Published On: Sat, Jan 13th, 2024

Pensioners to get 4.75 percent real terms income boost with state pension increase | Personal Finance | Finance


will be better off in April as the state pension and benefits increase but rising living costs are eating into the value of their income increases.

Benefit payments, including Pension Credit, are going up 6.7 percent from April 6 while the state pension is going up 8.5 percent on April 8, providing a welcome boost to meet the rising cost of living.

asked wealth firm True Potential to crunch the numbers and verify how much better off pensioners will be as a result. The group found pensioners will potentially be 4.75 percent better off, depending on the levels of inflation over the course of this year.

Pensioners on the full new state pension will receive a real term pension of £213.21 a week, which is a real-term increase of £9.36 a week compared to now.

Neil Rayner, head of advice at True Potential, said: “Pensioners can expect some financial relief this year. The significant increase in the state pension, coupled with the easing of inflation, should make them feel relatively better off than in previous years.

“Specifically, the state pension‘s rise of 8.5 percent in April 2024 outpaces the current inflation projections. This means, in real terms, pensioners will receive about £213.21 a week, up from £203.85, which is a notable boost given the economic climate.”

The actual increases in the full state pension payments include the new state pension going up from £203.85 a week to £221.20 a week, while the full basic state pension is increasing from £156.20 a week to £169.50 a week.

Mr Rayner urged pensoiners to be “cautious” as they plan their finances for the year ahead. He said: “While the increase in the state pension is a positive development, there is still much uncertainty over how quickly inflation may fall over the year.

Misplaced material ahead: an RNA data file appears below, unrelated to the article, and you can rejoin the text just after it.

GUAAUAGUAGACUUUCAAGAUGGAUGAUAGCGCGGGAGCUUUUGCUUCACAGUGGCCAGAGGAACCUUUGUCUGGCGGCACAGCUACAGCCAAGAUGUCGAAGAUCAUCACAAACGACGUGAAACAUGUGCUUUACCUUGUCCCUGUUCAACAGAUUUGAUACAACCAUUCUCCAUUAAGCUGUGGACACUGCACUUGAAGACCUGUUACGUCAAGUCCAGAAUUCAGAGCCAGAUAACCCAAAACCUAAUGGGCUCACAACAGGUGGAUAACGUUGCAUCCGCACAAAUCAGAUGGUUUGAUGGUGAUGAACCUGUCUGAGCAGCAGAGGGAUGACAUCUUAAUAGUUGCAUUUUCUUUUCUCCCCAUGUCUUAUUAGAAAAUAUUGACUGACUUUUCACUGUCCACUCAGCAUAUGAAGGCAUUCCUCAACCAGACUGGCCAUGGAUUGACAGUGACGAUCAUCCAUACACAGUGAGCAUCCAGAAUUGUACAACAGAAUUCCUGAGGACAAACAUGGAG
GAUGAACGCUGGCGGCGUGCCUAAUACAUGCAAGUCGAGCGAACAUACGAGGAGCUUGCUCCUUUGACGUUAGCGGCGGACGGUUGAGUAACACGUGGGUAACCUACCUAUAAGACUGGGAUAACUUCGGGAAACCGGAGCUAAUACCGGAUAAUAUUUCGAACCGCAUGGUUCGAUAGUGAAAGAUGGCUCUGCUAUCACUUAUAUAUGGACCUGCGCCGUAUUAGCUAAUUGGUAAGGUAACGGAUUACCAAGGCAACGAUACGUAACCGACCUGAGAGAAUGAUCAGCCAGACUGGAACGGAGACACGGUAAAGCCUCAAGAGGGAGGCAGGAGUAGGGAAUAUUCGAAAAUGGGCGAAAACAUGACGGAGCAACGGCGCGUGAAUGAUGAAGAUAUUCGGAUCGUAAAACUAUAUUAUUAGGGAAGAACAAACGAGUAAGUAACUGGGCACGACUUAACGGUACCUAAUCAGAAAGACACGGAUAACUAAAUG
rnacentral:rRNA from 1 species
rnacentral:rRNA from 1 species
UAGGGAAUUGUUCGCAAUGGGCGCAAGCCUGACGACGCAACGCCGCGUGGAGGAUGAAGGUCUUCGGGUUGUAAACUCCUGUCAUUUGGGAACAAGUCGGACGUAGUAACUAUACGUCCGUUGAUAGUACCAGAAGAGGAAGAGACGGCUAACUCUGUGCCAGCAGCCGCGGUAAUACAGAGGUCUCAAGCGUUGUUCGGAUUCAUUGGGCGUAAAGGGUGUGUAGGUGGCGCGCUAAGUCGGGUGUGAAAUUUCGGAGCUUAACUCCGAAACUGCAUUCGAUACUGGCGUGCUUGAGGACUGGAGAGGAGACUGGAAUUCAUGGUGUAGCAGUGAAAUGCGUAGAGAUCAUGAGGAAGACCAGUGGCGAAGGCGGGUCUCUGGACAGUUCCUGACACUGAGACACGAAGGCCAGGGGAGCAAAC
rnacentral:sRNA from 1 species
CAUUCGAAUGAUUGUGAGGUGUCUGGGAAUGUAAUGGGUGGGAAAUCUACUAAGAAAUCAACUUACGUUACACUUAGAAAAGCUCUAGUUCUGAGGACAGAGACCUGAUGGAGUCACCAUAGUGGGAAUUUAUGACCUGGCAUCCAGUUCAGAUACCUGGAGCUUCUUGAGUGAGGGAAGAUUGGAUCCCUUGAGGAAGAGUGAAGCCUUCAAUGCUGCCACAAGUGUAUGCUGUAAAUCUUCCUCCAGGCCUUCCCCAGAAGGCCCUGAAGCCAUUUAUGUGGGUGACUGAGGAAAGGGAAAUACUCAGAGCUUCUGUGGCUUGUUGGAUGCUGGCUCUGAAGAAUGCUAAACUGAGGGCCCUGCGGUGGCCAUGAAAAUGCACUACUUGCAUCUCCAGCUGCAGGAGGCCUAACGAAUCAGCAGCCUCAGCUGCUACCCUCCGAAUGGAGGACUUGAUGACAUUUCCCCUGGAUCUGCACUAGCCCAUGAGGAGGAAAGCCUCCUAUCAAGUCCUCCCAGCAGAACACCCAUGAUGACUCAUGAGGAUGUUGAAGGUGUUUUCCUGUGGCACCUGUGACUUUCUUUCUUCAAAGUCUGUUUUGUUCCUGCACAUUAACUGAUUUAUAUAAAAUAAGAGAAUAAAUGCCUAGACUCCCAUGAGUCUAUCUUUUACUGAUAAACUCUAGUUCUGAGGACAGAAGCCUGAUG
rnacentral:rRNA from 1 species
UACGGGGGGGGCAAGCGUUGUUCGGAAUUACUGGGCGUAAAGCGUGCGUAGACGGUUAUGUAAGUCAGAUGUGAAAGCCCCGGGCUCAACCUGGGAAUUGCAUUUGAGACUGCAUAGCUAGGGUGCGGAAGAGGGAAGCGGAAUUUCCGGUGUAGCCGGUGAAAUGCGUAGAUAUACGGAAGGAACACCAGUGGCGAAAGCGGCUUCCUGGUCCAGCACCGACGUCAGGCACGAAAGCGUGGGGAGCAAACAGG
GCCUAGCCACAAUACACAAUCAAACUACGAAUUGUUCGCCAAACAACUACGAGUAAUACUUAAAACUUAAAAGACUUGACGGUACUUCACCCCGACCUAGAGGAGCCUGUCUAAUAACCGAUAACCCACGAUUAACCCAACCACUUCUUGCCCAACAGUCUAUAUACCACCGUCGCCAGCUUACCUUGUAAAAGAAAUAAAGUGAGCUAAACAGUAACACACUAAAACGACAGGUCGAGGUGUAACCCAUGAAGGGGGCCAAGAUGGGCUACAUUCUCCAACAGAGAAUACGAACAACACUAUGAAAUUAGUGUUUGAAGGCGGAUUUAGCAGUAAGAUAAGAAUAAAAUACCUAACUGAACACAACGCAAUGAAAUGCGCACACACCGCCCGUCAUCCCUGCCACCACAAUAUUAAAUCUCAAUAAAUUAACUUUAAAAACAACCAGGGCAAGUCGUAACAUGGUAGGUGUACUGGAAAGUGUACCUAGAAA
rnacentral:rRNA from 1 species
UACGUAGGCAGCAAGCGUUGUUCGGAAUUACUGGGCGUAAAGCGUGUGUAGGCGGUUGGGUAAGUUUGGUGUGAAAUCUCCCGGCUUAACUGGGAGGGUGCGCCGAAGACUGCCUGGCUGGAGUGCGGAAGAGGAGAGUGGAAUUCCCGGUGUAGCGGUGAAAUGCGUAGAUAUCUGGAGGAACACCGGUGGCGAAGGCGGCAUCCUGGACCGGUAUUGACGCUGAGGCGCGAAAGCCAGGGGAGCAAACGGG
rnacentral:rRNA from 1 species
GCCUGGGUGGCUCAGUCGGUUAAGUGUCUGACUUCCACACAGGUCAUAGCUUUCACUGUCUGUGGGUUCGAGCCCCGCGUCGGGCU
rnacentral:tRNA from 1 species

“The cost of living, especially essentials like food and energy, still remains high so whether individual pensioners actually feel better off will vary based on individual circumstances.

“Pensioners can take an active approach to prepare for any unexpected changes this year by reviewing and adjusting their investments, savings and budgets to make sure their money is still working as hard as possible for them in retirement.”

One factor that will ease the burden on household finances is are set to fall 14 percent from the start of April. Cornwall Insight is predicting bills for a typical duel fuel household will drop from £1,928 a year to £1,660 a year.

Pensioners may want to check if they are missing out on any benefit, especially Pension Credit, as hundreds of thousands of pensioners are currently missing out on the income boost.

A report from Just Group found pensioner households are missing out on an average £1,231 a year in extra income through not claim the benefits they are due.

The group spoke to one retired couple in Surrey who were not on benefits and who were missing out on £143.43 a week, which adds up to more than £7,400 a year. They were missing out on £111.30 a week in Pension Credit and £32.13 a week in council tax reduction.

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